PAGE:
Stodden et al. [9] proposed a conceptual framework linking improvements in gross motor skills with increases in physical activity in children and adolescents, which will further lead to decreases in cardio-metabolic disease risk. Some of these relationships have been empirically tested and may be partially mediated through health-related fitness [10,11,12,13,14]. The strength of these relationships depends on the current age-related stage of a child’s development [15], as the direction of inferred causation is moderated by whether a child is in early, middle, or late childhood [15]. Indeed, much research supports a link between gross motor skills and physical activity and there is evidence that this relationship is bidirectional in nature and is also mediated through the motivational variable of perceived competence [11,14,16].
After proposal of Stodden and colleagues’ model [9], research accumulated examining the inter-relationships among the proposed variables. Robinson et al. [17] compiled and elaborated on the mounted evidence in a narrative review linking gross motor skills, physical activity, health-related fitness and health outcomes. The pooled evidence yielded derivation of a similar conceptual model, linking physical activity to gross motor skills via perceived competence and health-related fitness, which in turn relates to a child’s weight status. Differences between the aforementioned conceptual models include which construct ultimately associates with a health indicator (e.g., weight status), physical activity or gross motor competence, however it is postulated in both models that these relationships are bidirectional in nature [17]. Research supports pieces of this conceptual model, however testing the model in its entirety has been precluded in the pediatric population. In their narrative review, Robinson and colleagues [17] recommended that researchers should explore the mediating effect of both perceived competence and health-related fitness in the relationship between motor competence and physical activity, explore discrete time periods for physical activity participation (e.g., school hours) and provide specificity in the direction of inferred causation among variables within the conceptual model.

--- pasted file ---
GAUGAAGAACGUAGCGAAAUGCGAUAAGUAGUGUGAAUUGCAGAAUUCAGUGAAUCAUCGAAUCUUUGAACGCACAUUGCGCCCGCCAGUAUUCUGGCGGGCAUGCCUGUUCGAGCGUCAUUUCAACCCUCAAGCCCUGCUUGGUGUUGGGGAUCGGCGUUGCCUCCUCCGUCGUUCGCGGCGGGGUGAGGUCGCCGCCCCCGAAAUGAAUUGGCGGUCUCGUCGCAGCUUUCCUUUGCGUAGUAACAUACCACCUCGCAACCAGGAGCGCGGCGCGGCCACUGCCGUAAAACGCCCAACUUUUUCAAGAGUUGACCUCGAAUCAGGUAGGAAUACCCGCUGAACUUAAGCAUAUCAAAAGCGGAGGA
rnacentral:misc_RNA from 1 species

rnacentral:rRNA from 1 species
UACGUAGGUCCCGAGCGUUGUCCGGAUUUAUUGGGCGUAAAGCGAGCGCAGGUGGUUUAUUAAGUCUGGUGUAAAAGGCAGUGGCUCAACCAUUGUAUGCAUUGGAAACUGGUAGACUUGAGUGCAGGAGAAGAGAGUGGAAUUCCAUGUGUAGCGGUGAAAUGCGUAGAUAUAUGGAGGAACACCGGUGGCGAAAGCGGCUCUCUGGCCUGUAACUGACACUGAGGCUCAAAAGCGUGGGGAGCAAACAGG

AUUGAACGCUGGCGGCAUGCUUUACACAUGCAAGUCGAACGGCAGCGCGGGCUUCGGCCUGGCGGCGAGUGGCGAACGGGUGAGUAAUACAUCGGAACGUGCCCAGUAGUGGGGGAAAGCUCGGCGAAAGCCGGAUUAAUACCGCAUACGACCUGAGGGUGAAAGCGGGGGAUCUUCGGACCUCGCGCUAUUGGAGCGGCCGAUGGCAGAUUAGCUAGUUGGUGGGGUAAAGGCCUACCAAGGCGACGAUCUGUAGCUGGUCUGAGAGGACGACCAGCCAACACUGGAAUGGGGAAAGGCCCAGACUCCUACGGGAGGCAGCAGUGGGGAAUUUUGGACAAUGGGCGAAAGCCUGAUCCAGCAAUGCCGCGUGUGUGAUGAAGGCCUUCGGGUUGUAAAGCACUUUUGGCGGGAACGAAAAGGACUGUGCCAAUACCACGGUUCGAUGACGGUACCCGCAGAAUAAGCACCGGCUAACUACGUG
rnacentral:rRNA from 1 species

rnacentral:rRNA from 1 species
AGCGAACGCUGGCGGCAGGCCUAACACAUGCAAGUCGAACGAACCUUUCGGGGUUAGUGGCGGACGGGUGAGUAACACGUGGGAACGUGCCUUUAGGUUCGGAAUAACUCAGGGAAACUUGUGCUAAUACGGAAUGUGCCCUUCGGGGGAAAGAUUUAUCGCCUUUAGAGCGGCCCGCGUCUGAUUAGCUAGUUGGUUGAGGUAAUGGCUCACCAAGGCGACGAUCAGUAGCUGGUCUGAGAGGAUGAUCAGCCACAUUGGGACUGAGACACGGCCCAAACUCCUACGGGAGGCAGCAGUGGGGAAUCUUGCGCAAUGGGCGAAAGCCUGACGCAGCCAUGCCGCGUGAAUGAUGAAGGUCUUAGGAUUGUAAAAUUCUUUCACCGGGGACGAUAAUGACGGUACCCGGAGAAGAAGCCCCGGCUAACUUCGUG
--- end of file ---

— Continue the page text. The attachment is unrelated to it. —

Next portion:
No study to date has empirically tested the motor competence and health-related variable conceptual model in its entirety using a path analytic approach. Doing so will provide the relative strength of the aforementioned relationships, which can help in deriving interventions targeting these constructs. Also, the degree to which the link between gross motor skills and physical activity is mediated through both perceived competence and health-related fitness (e.g., cardiorespiratory endurance) has yet to be quantified and it is unknown whether if there is any residual relationship after accounting for the potential mediators. Even though many of the relationships within the proposed conceptual model are theoretically bidirectional, in the testing of the model in the current study, the physical trait of Body Mass Index (BMI) will be the health-related outcome and the behavior of school day physical activity will be the primary antecedent (predictor) within a fully recursive (unidirectional causative) model. This is because school- and community-based intervention-elicited behavior change is often utilized to positively influence physical traits (e.g., health-outcomes) over time and thus makes the most theoretical sense from the perspective of future intervention research. Testing a comprehensive conceptual model will provide further validation of the model and may spur testing of the models using larger samples of children or adolescents within a specific stage of physical development, which will provide information onto what constructs/variables to target during school and/or community-based interventions. Therefore, the purpose of this study was to test a comprehensive conceptual model linking gross motor skills, physical activity and health-related variables in a sample of sixth graders using path analysis.

2. Materials and Methods

2.1. Participants